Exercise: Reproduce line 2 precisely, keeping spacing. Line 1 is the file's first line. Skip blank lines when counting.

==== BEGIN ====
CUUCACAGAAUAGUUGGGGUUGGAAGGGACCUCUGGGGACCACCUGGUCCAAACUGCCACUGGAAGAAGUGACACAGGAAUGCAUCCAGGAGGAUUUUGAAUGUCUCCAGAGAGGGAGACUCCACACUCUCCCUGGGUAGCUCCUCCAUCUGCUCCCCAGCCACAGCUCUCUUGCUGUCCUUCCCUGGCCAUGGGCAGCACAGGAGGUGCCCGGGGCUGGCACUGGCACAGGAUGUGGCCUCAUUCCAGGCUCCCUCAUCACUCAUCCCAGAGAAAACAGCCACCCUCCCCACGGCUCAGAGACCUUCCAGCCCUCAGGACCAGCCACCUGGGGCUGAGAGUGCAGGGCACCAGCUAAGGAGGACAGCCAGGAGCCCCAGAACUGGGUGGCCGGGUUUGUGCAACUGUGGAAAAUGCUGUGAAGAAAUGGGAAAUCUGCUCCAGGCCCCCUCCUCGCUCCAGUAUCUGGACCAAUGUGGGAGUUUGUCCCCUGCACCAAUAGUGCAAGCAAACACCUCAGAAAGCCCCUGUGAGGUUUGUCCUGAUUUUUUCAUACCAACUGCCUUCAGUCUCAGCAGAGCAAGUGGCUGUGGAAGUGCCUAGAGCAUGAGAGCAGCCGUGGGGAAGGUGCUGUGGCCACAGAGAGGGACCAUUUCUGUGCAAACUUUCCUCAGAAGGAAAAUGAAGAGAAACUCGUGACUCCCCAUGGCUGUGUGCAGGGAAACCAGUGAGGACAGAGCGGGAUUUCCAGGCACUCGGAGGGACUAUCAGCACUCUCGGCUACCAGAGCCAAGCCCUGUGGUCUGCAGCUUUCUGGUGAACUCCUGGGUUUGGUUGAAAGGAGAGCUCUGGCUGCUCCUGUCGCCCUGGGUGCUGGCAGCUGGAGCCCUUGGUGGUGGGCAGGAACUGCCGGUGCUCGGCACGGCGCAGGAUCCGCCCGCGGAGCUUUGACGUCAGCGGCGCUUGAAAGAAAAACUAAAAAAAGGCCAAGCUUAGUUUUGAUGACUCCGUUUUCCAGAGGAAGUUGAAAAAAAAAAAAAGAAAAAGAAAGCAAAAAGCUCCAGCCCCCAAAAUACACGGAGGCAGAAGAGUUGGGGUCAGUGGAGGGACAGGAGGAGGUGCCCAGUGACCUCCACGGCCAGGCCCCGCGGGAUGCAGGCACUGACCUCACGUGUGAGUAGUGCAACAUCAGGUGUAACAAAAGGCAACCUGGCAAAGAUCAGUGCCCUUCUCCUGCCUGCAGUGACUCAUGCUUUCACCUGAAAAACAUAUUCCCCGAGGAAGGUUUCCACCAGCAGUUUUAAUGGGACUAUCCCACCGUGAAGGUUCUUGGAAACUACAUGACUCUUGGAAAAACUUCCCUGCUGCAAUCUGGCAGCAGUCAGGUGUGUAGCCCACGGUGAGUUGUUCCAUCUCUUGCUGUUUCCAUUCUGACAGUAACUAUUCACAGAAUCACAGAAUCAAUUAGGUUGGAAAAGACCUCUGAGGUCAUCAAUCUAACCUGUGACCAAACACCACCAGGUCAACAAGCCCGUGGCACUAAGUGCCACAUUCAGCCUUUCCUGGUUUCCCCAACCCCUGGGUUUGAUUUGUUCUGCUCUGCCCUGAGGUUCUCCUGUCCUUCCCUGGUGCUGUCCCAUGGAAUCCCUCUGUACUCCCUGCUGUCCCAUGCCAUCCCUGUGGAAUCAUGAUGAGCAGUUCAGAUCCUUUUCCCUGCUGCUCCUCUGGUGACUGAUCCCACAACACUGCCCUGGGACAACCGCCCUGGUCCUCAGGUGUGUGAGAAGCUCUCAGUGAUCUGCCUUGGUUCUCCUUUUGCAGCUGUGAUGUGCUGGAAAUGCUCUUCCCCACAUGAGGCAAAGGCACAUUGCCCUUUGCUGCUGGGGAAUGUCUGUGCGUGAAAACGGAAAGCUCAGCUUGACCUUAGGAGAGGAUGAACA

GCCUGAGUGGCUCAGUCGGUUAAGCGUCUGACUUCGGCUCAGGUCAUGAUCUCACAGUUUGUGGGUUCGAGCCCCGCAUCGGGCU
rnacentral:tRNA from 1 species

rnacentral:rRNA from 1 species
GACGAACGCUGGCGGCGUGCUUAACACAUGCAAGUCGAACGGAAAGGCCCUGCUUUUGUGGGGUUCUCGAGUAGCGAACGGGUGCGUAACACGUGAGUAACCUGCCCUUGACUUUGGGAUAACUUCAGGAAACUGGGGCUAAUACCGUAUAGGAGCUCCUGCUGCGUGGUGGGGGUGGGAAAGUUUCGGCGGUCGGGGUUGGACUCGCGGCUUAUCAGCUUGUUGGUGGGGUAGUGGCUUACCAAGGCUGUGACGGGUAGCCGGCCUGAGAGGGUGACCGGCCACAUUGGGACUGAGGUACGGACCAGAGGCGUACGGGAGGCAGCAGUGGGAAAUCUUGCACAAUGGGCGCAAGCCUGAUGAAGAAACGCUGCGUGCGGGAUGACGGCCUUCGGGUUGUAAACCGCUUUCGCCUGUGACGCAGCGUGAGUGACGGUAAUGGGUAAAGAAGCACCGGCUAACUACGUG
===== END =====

GCCUGAGUGGCUCAGUCGGUUAAGCGUCUGACUUCGGCUCAGGUCAUGAUCUCACAGUUUGUGGGUUCGAGCCCCGCAUCGGGCU